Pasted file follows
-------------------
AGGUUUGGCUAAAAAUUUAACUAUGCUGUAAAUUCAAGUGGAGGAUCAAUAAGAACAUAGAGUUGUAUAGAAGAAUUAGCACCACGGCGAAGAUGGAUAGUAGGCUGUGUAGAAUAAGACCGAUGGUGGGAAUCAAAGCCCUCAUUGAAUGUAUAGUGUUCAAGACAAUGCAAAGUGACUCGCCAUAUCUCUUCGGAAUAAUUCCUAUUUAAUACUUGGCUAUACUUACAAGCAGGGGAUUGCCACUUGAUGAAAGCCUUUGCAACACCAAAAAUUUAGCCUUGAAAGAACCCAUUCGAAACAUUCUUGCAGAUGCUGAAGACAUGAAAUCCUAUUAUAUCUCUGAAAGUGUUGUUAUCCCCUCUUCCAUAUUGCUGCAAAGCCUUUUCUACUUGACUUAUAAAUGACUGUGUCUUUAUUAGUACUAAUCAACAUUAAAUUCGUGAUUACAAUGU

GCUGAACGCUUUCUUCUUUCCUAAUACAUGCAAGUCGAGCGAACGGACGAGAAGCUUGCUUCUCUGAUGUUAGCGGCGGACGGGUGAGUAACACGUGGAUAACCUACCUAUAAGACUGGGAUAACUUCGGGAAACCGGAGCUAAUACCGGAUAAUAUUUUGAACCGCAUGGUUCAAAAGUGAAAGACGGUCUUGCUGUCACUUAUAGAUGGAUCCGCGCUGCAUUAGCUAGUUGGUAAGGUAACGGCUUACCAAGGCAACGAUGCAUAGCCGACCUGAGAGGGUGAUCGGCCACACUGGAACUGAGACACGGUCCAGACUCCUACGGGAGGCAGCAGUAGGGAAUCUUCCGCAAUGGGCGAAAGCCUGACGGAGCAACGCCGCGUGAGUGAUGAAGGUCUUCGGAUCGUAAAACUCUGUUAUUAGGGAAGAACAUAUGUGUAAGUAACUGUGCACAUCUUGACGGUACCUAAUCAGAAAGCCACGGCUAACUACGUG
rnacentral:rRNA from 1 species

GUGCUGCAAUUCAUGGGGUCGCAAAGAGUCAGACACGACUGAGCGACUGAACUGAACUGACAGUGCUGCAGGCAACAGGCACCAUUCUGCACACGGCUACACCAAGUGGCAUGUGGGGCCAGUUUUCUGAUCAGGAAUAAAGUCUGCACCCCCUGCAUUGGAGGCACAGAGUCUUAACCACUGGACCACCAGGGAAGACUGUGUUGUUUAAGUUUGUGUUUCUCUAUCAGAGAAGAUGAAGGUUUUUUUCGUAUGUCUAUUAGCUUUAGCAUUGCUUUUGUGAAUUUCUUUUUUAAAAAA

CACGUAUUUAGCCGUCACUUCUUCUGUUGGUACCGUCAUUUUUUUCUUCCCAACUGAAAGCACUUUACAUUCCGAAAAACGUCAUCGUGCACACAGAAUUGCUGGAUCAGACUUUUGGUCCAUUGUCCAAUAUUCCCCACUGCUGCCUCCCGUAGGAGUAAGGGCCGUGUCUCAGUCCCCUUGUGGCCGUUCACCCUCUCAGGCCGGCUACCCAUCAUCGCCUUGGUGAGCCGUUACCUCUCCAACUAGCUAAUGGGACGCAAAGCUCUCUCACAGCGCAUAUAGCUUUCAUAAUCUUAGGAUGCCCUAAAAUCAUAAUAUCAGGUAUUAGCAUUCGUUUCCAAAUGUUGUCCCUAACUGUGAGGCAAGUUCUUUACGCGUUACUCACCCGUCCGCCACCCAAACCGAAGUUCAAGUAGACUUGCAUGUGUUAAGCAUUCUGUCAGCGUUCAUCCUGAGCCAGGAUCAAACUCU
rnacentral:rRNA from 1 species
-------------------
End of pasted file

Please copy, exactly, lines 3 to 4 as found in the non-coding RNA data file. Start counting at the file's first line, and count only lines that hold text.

rnacentral:rRNA from 1 species

GUGCUGCAAUUCAUGGGGUCGCAAAGAGUCAGACACGACUGAGCGACUGAACUGAACUGACAGUGCUGCAGGCAACAGGCACCAUUCUGCACACGGCUACACCAAGUGGCAUGUGGGGCCAGUUUUCUGAUCAGGAAUAAAGUCUGCACCCCCUGCAUUGGAGGCACAGAGUCUUAACCACUGGACCACCAGGGAAGACUGUGUUGUUUAAGUUUGUGUUUCUCUAUCAGAGAAGAUGAAGGUUUUUUUCGUAUGUCUAUUAGCUUUAGCAUUGCUUUUGUGAAUUUCUUUUUUAAAAAA